I don't know if it was my long bike ride along a river or my immersion in the writing phase of a documentation project, but this week I've been pondering Mike Hughes' assertion that help should be a "mile wide and thirty seconds deep." I first heard Mike mention this help landscape metaphor in a podcast several months back. Mike also wrote an article called "The Help Landscape: A Mile Wide and Thirty Seconds Deep" for UX Matters a couple of years ago.
Here's the principle, as Mike puts it: "Help needs to be a mile wide—it must cover everything—and 30 seconds deep—tackling only small amounts of detail at any given point." In other words, your help file should be comprehensive, especially covering niche topics, but your treatment of each topic need not be much—a conceptual paragraph and a list of steps perhaps.
Mike bases his reasoning from user observation and two principles. After watching hundreds of people use help, Mike concludes that "Users go to Help only when they're stuck and stay there only until they feel unstuck." It makes sense, then, to focus on areas where the users might get stuck (which might be the niche topics), and to only provide enough information for users to unstick themselves, after which users return to the application.
Mike warns about the danger of providing too much information, citing John Carroll's adaptation of the Heisenberg Uncertainty Principle: "The more complete training is, the less usable it will be; the more usable it is, the less complete it can be" (The Nurnberg Funnel). In other words, providing too much information actually hurts the usability of the information. People have a small "intake bandwidth," as Mike phrases it, when it comes to help. Overload them and they choke.
Finally, Mike references the Long Tail, a concept from Wired Magazine's Chris Anderson. The Long Tail asserts that, in the long run, online stores with niche products outsell physical stores focusing on mainstream products. Amazon.com is a case in point. With help materials, niche topics (those help topics addressing edge cases and infrequent situations or tasks) collectively receive more hits over time than the core how-to topics. With this reasoning, Mike recommends a help strategy that covers comprehensive, niche information but in short topics.
Mike's strategy seems like a commonsensical approach, one that wouldn't receive much opposition, but it's not one adopted by everyone. For example, the help for Microsoft Office tends to be the opposite, with long help topics and a jump menu at the top for navigation. Some of the topics are so long they could be mini-essays. For example, this topic from Microsoft Word on inserting fields, quite typical of other Office 2007 topics, is 14 pages long.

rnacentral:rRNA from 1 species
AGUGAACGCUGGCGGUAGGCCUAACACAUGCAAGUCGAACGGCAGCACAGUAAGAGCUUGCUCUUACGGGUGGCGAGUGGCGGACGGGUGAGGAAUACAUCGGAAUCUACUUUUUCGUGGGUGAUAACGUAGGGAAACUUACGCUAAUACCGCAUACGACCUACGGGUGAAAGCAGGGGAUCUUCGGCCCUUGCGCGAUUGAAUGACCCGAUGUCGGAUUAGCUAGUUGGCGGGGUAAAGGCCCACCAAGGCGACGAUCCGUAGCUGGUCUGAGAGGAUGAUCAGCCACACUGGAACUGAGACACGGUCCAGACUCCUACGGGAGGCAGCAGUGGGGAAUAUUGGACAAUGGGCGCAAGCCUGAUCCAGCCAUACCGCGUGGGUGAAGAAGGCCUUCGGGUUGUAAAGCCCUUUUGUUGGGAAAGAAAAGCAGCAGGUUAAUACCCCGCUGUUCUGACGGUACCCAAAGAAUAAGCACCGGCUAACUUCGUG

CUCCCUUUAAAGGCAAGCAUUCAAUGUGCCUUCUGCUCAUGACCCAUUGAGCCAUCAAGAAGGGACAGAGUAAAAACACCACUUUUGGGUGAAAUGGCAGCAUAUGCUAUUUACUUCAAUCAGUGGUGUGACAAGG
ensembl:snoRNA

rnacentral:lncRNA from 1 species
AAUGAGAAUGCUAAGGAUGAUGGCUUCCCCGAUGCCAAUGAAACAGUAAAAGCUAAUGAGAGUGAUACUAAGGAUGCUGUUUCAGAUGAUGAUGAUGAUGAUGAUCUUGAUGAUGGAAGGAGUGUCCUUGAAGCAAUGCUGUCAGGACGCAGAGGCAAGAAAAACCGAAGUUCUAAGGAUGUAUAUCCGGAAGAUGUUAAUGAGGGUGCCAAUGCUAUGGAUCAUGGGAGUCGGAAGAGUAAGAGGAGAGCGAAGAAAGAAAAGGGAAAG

Unlike Microsoft's help, Techsmith's help (for Snagit and Camtasia Studio) is short, but it also doesn't address niche situations. The help is light, especially compared to their pages and pages of forums. At the last STC Summit, I asked someone at the Techsmith booth why their help didn't include more of the information asked in the forums. The booth representative said the help was purposely light to minimize translation costs.
As I document an application at my work, I've been trying to implement the mile-wide-and-thirty-seconds-deep principle. In the previous version of the application, I focused on core topics, for the most part, covering only the essential tasks because I feared overwhelming users with too much information in the table of contents. After the release, as I received questions I began adding them to the help little by little.
With this second release, I'm now writing a help topic for every task I can conjure up, without fear of having a bloated, unnavigable table of contents. I assume people will only turn to the online help when they have specific questions, and they will search the help rather than navigate it. If they want a basic tutorial, they can refer to the quick reference guides (which I'm lengthening) or a variety of video tutorials. But when they search the help, I want the search results to contain the answers, like Google's results.
I'm not sure how a multiplicity of short topics affects search results. Does the mile-wide-thirty-seconds approach fragment search results into dozens of possibilities, requiring readers to click back and forth ad nauseum looking for the right topic? Do the shorter topics provide more accurate results because they don't contain an encyclopedia of information?
I don't know. But I do know we live in the age of Google, and our users have a search-to-find-it mentality. The challenge is figuring out how to sharpen and optimize search results so that, like Google, the results are accurate.
What techniques are you using to optimize your search results? (By the way, you can follow Mike Hughes' blog here.)
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I'm a technical writer based in the California San Francisco Bay area. Topics I write about on this blog include the following technical communication topics: Swagger, agile, trends, learning, plain language, quick reference guides, tech comm careers, and certificate programs. I'm interested in information design, API documentation, visual communication, information architecture and findability, and more. If you're a professional or aspiring technical writer, be sure to subscribe to email updates using the form above. You can learn more about me here. You can also contact me with questions.